There are evidenced based practices that have proven to be effective in supporting individuals with IDD to obtain and maintain CIE. One such evidence-based intervention is supported employment (SE). This practice seeks to assist individuals with the most significant disabilities to locate and maintain long-term, meaningful, competitive integrated employment (Schall et al., 2020). The supported employment model is a four-phase approach. Of particular relevance to this paper are the two phases of supports provided on the job site. They include job site training (JST) and long-term supports services (LTSS; Schall, et al., 2015). Another pathway to securing CIE is through customized employment (CE). CE supports individuals with IDD who may not have all the necessary skills required for an existing job description, so a new position is negotiated to fit the needs of the company and the individual job seeker (Brooke et al., 2018). The Workforce Innovation and Opportunity Act of 2014 included CE in the definition of Supported Employment, and federally defined CE as “based on individual determination of the strengths, needs and interests of the person with a disability, and is designed to meet the specific needs of the employer.” Both SE and CE continue to provide support to the new employee with a disability through JST and LTSS to ensure job satisfaction and career advancement. The goal with both SE and CE is establishing a successful and positive relationship between the employer and the new employee with IDD. The employment specialist (ES) maintains a relationship with both that is synergetic, collaborative, and benefits all parties involved.
State vocational rehabilitation agencies fund both SE and CE through the WIOA (WIOA, 2014). In order to qualify for either SE or CE, the job seeker with a disability must require intensive services as these services are designed for those with the most significant disabilities. While these practices are most helpful to individuals with IDD seeking CIE, their funding structure provides a view of the impact of the COVID-19 crisis on the employment of individuals with IDD. Namely, ES who provide services are responsible for reporting the time they provided supports, the phase of supports they are providing, and the workplace, hours worked, and wage of the individual they support for each month services are provided.
The purpose of this paper is to describe how CIE was impacted for employees with IDD during the COVID-19 pandemic and recession using data collected by ES who provided SE or CE. The overarching research question was; how did the COVID-19 pandemic and recession impact the employment of employees with IDD?
This study was guided by the following sub research questions:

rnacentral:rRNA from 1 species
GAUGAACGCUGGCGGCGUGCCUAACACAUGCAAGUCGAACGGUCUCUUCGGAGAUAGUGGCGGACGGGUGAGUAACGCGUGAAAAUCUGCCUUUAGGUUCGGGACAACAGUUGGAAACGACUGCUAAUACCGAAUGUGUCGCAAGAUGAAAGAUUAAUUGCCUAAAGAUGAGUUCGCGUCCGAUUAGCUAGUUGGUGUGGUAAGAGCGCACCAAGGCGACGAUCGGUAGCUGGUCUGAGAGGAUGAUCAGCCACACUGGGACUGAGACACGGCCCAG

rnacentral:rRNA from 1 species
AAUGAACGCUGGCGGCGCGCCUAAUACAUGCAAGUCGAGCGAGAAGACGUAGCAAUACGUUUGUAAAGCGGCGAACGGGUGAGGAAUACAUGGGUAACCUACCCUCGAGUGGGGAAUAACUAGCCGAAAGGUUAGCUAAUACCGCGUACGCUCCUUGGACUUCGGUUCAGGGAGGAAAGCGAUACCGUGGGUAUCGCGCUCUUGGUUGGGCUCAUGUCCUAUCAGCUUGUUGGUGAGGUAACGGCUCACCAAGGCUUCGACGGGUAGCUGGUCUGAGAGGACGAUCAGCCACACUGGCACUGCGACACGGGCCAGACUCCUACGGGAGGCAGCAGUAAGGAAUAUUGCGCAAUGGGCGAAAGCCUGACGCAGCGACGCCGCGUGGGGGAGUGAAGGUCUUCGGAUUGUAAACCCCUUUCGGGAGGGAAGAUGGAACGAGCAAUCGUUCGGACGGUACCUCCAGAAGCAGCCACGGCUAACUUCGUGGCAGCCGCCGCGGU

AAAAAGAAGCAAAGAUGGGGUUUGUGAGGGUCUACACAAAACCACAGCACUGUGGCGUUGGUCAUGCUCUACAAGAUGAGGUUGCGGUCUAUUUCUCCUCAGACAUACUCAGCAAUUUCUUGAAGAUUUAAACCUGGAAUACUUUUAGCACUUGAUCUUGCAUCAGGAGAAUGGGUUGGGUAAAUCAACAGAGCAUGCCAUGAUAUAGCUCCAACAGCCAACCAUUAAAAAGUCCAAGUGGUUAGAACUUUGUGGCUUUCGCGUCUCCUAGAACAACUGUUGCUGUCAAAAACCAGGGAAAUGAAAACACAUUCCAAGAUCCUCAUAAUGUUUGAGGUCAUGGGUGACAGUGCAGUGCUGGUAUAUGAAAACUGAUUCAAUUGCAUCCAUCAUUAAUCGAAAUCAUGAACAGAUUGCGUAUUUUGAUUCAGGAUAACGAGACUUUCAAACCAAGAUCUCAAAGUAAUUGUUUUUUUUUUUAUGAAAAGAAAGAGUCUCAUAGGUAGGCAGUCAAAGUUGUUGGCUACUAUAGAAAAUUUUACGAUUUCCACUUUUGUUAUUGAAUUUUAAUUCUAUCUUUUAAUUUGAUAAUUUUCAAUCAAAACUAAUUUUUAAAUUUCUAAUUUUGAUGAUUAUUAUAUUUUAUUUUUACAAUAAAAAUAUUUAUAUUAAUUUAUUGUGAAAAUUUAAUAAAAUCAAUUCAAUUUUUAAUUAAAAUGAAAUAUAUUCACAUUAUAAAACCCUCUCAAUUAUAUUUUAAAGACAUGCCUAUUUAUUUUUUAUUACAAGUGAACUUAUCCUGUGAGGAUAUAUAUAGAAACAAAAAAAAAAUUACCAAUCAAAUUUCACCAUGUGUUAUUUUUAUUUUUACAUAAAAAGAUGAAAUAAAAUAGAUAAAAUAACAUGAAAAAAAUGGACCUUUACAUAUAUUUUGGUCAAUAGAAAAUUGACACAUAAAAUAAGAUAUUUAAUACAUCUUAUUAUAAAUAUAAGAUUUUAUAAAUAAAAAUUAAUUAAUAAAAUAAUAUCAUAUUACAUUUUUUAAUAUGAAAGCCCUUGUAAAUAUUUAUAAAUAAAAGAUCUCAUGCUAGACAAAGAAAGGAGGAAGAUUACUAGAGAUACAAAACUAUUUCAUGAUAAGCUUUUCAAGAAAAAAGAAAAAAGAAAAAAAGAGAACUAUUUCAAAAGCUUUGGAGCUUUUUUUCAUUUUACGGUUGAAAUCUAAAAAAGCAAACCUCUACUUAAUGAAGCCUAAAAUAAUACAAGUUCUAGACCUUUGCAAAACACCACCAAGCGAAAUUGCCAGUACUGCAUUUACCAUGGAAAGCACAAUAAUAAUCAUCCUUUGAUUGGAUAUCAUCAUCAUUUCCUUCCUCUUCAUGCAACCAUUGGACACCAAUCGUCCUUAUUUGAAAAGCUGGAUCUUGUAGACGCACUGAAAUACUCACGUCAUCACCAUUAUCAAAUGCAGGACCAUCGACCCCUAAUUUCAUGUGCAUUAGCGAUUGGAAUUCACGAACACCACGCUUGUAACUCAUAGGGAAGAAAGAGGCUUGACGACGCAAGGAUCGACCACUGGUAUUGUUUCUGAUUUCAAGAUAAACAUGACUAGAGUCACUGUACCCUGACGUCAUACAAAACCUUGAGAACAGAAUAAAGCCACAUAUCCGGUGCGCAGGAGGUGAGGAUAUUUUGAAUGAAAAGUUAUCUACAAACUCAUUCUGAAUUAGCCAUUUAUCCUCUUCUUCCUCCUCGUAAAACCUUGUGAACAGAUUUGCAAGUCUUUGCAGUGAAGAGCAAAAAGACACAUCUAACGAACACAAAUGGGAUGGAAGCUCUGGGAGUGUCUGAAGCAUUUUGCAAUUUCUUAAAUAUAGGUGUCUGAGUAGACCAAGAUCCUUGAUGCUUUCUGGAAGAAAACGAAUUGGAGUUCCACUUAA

1. What was the monthly employment status, hours worked weekly, and hourly wage of employees with IDD in CIE for the 6-month period from February to July 2020 compared to February to July 2019 for a similar group of individuals with IDD receiving SE services from the same agency?
2. Did the impact of the COVID pandemic and recession vary by the individual characteristics of age, gender, race, industry, or type of disability?
In order to address the research questions posed by this study, the researchers conducted a retrospective review of records of individuals with IDD who were receiving on-the-job supports through JST or LTSS. All services were provided by Business Connections employment services organization (ESO) based at Virginia Commonwealth University that exclusively works with individuals with disabilities seeking CIE. While this is a university-based ESO, referrals for services come from the general population of individuals seeking VR services from the community. All services are funded through the state vocational rehabilitation agency. In order to track the impact of the COVID-19 pandemic and subsequent recession, the authors compared the month-by-month employment status of individuals with IDD employed in CIE and receiving services from the ESO from Feb. to July 2019 and Feb. to July 2020. Inclusion criteria for this records review was, 1) presence of an intellectual or developmental disability, 2) full or part time employment in CIE on Feb. 28, 2019 or 2020, 3) receiving either JST, or LTSS from the ESO. The researchers used an honest broker system and did not see the records or have access to any identifying information. The university IRB determined that this study was ‘not human research’ due to the lack of human subject interaction.
2.2Data collection and verification
The researchers used existing records of employment services to document disability, industry where the individual was employed, average weekly hours worked, hourly wage, gender, age, race, and employment status at the end of each month during the two periods reviewed (February–July 2019 and February–July 2020). To further clarify employment status and input missing data, the honest brokers contacted individual employment specialists to confirm and clarify findings. Finally, as the data is collected prospectively for the purposes of billing for services, and the data set was reviewed and updated through individual interviews between the honest brokers and employment specialists, the researchers determined the data set to be complete and accurate. The brokers, who are responsible for collecting such data for billing purposes, transferred data in de-identified aggregate form for analysis.